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Zeitschrift für Betriebswirtschaft

, Volume 82, Supplement 6, pp 5–32 | Cite as

Do contextual factors matter?

An investigation of ethical judgments of corrupt acts
  • Tanja RablEmail author
ZfB-Special Issue 6/2012

Abstract

Drawing on the moral intensity concept and attribution theory, this vignette study investigates the influence of contextual factors on people’s ethical judgments of others’ behavior in corruption situations. It examines differences regarding corruption occurring in a national or international context, in an environment where it is usual or unusual, with high or low bribes, initiatively or reactively, because of private or organizational motives, and in situations of financial sufficiency or deficiency. The results show that corruption in situations where it is usual, motivated by organizational reasons, and initiated because of financial difficulties is judged as significantly less unethical. The paper discusses the findings’ implications for the prevention of corruption in organizations.

Keywords

Context Corruption Ethical judgment Situation Vignette study 

JEL Classification

D73 M14 M19 

Notes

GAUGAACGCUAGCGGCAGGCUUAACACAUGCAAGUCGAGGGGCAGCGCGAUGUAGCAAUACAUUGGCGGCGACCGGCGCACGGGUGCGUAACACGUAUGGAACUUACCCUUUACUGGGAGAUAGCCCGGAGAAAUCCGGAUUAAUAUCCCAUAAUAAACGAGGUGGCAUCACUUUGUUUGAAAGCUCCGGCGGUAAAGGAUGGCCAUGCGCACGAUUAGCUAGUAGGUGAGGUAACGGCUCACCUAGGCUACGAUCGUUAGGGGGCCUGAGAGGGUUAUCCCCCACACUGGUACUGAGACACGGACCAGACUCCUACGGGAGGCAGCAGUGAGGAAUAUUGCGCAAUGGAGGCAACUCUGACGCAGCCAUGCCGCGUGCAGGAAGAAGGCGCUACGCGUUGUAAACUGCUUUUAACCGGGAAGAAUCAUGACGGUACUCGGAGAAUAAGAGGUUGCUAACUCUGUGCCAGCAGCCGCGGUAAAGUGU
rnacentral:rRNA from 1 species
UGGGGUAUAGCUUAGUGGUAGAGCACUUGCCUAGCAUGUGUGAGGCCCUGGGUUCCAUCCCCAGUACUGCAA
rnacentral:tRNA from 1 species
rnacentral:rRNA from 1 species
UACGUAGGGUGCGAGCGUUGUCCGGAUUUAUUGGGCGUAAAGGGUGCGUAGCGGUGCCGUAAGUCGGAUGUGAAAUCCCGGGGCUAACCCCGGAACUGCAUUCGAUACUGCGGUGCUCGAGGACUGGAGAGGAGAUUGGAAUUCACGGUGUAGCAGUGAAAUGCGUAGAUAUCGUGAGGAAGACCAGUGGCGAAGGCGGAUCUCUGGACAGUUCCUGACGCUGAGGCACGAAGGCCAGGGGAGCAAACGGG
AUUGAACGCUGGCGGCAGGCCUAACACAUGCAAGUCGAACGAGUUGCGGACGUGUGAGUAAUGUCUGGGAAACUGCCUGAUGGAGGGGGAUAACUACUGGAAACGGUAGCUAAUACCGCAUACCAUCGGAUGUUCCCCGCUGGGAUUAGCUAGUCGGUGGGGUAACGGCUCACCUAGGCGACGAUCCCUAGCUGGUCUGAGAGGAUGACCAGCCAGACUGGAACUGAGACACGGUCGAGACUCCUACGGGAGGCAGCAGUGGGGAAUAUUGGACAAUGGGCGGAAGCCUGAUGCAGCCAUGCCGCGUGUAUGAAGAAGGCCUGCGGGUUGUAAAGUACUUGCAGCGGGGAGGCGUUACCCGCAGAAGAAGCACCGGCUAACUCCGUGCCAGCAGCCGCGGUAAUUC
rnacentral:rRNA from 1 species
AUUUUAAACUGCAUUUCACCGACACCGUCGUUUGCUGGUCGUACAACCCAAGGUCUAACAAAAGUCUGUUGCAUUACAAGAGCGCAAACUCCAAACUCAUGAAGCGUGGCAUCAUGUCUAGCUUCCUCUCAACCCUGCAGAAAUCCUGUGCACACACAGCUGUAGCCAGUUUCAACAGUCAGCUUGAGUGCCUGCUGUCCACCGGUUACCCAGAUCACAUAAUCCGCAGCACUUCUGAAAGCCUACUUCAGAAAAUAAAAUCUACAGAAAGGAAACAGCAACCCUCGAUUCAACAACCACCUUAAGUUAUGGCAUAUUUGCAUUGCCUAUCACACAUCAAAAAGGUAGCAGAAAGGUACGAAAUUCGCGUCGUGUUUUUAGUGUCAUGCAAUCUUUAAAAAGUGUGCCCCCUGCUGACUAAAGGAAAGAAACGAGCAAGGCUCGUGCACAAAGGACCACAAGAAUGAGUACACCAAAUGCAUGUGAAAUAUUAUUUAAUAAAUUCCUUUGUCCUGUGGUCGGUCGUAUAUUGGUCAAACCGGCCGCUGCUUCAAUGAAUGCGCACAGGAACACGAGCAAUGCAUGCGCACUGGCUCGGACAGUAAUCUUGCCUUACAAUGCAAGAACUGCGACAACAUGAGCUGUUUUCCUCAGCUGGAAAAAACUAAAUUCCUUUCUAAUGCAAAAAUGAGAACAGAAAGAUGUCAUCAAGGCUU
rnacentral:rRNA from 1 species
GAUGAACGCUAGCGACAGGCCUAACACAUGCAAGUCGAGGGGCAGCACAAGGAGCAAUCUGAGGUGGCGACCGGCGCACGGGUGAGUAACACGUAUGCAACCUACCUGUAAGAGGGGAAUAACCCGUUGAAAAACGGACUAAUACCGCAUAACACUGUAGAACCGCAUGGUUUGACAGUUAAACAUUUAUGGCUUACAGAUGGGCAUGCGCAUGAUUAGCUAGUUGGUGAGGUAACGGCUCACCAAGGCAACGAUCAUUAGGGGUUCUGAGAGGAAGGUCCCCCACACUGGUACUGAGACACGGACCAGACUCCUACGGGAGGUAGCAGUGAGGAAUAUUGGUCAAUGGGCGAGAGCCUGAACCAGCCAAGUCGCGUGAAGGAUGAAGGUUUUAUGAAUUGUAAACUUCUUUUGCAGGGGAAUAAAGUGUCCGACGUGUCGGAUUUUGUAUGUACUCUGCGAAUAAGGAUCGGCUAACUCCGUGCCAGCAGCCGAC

Acknowledgments

The author thanks Ines Greffin for her help with the vignette development and data collection. Previous versions of this paper were presented at the 70th Academy of Management Annual Meeting in Montréal, Canada, 2010, and at the 73rd Annual Conference of the German Academic Association for Business Research in Kaiserslautern, Germany, 2011. The author is grateful to the respective anonymous reviewers, discussants, and conference participants for their constructive comments that helped to improve earlier drafts of this paper. The author also thanks the editors of this special issue and two anonymous reviewers for their useful suggestions.

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© Springer Fachmedien Wiesbaden 2012

Authors and Affiliations

  1. 1.Department of Human Resource ManagementUniversity of BayreuthBayreuthGermany

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